Unlike previous HBA annual forecast conferences, this year’s speakers couldn’t look ahead without also taking a look at the unexpected crisis that unfolded behind us. When Sprague took the stage, he recalled thinking earlier last year, “2020 is going to be just like 2019, maybe a little bit better. The thing that is going to hold us back again is production… But then March happened.” Like O’Grady, Sprague had a hunch. He says that with luck, the market will be 85 percent of where it was in 2019. “I’m not used to saying this,” he admitted, “but 2020 has taught me to say this a lot: I was wrong. And phenomenally wrong.” Then Sprague said what past panelists at this conference have been saying for years, “As we go forward — residential is going to continue to go along. And I don’t see it slowing down for at least a couple of years because of demand.”
Sprague also has a rosy view of the inventory situation. He believes by about 2022 the industry will catch up in lots and there will even be a plateau.
For years, Austin has sorely been in need of a transit infrastructure overhaul. In November, voters approved over $7 billion to go toward a state-of-the-art mass transit system. “The reality is that Austin has become a one word city,” says Shaun Cranston. “We’re no longer Austin, Texas. We’re now Austin — just like New York, Los Angeles, Tokyo or London. And world class cities require a transit system as part of the infrastructure to get people from where they live to where they work.”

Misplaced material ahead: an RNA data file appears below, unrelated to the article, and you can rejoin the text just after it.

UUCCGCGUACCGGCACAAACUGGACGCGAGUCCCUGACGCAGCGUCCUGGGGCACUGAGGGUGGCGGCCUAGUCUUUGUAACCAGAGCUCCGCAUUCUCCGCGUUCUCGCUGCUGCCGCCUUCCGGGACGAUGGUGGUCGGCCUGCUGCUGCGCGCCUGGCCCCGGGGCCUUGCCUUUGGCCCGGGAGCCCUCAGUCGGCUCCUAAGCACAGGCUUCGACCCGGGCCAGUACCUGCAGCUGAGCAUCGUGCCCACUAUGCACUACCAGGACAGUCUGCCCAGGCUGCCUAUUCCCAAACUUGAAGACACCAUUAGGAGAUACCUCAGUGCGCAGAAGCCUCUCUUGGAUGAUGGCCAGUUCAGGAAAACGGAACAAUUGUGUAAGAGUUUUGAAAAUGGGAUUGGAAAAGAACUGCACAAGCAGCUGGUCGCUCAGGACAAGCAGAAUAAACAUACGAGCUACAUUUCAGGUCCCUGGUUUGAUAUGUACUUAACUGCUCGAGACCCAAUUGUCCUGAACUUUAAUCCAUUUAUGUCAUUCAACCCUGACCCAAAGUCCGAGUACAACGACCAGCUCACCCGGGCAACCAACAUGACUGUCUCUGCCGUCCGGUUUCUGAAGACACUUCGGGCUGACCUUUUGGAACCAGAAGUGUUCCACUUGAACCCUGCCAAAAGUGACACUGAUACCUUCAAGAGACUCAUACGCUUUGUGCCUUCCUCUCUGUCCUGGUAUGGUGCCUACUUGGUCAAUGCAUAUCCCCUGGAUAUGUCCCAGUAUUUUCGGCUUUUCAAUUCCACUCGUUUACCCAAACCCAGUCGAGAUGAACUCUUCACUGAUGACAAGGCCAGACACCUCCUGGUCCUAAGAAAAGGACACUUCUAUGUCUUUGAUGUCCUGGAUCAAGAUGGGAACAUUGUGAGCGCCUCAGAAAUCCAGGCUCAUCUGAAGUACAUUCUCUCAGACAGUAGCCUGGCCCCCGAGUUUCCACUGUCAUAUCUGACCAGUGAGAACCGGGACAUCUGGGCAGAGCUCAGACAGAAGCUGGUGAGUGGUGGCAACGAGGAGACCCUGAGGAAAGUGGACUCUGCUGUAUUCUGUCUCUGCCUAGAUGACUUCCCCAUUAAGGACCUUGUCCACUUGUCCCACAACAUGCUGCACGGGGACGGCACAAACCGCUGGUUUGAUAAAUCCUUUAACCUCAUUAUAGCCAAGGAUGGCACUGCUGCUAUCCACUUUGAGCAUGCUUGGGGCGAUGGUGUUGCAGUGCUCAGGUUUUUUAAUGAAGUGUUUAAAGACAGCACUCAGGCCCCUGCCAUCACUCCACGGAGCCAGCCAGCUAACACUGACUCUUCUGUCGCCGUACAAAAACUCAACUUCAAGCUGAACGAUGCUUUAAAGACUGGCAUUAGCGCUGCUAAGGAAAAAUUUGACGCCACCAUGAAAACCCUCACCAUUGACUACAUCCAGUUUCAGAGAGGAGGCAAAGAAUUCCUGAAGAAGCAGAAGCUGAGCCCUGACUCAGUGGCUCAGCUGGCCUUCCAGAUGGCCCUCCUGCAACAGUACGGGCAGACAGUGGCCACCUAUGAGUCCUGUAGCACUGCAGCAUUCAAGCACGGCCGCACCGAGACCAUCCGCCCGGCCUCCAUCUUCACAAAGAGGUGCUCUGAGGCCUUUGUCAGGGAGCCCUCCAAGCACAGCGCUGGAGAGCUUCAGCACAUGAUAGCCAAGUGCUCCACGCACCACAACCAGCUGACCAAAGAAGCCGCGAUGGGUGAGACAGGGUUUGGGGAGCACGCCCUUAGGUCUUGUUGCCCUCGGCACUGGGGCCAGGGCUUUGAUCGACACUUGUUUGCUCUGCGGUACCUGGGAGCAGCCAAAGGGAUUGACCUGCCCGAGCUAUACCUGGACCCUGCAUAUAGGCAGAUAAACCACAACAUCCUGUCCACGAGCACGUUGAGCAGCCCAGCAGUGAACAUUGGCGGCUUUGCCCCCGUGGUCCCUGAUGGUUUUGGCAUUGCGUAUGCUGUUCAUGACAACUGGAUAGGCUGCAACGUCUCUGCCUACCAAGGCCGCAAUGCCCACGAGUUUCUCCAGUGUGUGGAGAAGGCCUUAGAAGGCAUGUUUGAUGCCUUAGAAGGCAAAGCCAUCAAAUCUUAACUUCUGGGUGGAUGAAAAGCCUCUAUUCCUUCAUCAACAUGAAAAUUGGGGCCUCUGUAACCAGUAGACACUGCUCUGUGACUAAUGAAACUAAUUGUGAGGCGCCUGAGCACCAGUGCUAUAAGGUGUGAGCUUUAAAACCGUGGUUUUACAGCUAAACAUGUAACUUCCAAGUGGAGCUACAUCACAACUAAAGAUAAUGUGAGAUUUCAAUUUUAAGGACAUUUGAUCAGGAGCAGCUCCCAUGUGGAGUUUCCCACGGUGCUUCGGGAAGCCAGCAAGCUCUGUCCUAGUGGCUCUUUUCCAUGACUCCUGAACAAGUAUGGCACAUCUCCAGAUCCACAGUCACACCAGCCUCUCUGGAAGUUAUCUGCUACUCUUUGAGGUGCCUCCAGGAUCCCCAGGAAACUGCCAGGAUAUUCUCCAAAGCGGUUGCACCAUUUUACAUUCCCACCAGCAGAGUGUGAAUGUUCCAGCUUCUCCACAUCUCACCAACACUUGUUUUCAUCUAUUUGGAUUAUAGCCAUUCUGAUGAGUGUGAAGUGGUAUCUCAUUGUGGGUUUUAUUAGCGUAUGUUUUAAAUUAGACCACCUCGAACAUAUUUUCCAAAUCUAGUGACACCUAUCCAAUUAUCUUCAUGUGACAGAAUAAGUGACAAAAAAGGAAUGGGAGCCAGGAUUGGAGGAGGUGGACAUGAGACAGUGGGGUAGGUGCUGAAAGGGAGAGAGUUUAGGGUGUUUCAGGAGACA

Project Connect is a system of connected light rail, MetroRail, MetroBuses and Park & Rides. Why does Austin need this so badly? Recall that one of the factors accelerating starts and closings are relocation buyers. Many new residents to the city are coming to work for companies like Tesla and Oracle, which are spending billions of dollars to move here and open warehouse and office space. Austin is on Samsung’s shortlist for a $10B chipmaking plant. Other major metros don’t have this kind of economic stimulus but it’s happening here almost month after month, says Sprague. “And this will continue to go on.”